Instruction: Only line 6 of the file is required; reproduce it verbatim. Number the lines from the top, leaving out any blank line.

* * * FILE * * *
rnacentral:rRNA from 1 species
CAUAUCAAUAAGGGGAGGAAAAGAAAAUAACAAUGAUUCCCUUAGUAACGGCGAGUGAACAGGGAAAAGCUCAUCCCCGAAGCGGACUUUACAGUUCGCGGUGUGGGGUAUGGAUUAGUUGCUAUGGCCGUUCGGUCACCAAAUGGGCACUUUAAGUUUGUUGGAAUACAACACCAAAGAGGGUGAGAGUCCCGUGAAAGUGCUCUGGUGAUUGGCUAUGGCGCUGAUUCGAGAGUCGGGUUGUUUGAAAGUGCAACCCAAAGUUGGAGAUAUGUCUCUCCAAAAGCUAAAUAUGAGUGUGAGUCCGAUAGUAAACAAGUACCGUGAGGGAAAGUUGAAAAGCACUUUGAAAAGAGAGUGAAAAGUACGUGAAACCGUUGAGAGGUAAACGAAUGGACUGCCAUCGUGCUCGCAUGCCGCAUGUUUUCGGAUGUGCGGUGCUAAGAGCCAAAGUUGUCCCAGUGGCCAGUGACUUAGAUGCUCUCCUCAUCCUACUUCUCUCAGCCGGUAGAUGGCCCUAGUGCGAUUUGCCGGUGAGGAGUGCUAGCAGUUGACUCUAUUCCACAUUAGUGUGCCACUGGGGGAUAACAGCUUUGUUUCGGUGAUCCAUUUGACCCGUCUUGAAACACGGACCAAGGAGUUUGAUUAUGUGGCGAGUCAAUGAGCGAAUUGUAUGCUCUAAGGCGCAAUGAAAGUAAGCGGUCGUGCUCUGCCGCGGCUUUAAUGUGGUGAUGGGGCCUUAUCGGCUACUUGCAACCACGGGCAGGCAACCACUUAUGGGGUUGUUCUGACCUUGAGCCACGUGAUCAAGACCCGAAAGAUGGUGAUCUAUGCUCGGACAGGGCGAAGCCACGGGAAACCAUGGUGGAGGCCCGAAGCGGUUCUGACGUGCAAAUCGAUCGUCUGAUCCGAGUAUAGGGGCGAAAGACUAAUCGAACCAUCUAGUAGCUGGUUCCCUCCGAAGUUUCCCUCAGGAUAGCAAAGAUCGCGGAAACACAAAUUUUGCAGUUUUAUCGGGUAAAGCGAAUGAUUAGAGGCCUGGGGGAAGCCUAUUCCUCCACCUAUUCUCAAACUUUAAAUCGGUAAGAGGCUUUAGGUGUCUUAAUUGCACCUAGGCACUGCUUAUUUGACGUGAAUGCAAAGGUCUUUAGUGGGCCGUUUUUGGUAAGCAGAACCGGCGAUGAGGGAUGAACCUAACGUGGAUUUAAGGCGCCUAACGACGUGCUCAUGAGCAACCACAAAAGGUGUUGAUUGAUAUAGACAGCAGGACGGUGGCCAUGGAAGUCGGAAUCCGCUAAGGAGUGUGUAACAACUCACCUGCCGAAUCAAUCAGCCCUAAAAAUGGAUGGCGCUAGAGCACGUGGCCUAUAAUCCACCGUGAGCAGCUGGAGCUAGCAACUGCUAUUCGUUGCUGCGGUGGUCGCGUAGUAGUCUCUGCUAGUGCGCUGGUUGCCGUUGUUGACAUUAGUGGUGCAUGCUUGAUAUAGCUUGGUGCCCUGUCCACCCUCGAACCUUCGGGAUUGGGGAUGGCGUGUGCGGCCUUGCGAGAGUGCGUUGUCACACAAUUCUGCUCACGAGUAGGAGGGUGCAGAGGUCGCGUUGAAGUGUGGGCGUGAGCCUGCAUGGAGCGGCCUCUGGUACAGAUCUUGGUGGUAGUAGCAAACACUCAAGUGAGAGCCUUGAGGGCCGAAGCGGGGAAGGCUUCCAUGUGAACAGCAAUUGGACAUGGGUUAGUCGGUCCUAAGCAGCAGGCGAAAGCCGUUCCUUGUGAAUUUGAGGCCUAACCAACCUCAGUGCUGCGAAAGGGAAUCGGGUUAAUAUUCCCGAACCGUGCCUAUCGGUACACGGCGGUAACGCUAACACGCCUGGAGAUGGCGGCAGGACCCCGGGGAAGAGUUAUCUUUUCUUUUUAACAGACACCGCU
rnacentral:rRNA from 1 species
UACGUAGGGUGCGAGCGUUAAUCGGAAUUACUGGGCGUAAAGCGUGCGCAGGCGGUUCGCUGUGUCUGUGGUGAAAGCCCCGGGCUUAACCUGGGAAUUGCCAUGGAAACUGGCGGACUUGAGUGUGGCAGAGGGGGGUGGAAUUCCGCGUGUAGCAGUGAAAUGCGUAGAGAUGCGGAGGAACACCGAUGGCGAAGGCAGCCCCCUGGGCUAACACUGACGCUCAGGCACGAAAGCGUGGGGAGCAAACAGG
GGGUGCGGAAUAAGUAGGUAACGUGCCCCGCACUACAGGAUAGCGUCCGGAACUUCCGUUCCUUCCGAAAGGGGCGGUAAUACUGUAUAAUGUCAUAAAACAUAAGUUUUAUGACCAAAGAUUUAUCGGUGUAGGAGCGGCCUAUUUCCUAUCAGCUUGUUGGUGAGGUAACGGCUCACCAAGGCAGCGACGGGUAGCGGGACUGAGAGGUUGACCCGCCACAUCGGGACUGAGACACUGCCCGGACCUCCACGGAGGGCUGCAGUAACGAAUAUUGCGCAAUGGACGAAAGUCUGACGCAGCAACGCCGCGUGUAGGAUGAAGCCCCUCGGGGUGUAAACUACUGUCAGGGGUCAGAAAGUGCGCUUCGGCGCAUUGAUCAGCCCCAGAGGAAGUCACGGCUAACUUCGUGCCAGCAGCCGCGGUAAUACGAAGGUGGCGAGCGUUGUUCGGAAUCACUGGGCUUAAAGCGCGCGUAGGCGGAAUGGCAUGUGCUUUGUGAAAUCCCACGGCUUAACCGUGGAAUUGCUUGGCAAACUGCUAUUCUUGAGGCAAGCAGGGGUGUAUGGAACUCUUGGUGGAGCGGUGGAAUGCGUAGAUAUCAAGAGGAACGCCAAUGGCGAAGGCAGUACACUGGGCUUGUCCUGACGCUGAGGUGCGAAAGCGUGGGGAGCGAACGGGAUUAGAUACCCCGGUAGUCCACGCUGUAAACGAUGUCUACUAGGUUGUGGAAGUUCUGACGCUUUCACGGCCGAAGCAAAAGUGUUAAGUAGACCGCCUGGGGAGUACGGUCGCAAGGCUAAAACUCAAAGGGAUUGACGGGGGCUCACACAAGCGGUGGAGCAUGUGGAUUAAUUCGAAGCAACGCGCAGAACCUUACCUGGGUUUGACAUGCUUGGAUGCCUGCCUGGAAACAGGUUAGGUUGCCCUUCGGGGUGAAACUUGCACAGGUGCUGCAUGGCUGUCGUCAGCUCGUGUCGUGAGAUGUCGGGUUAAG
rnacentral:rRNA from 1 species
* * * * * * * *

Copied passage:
rnacentral:rRNA from 1 species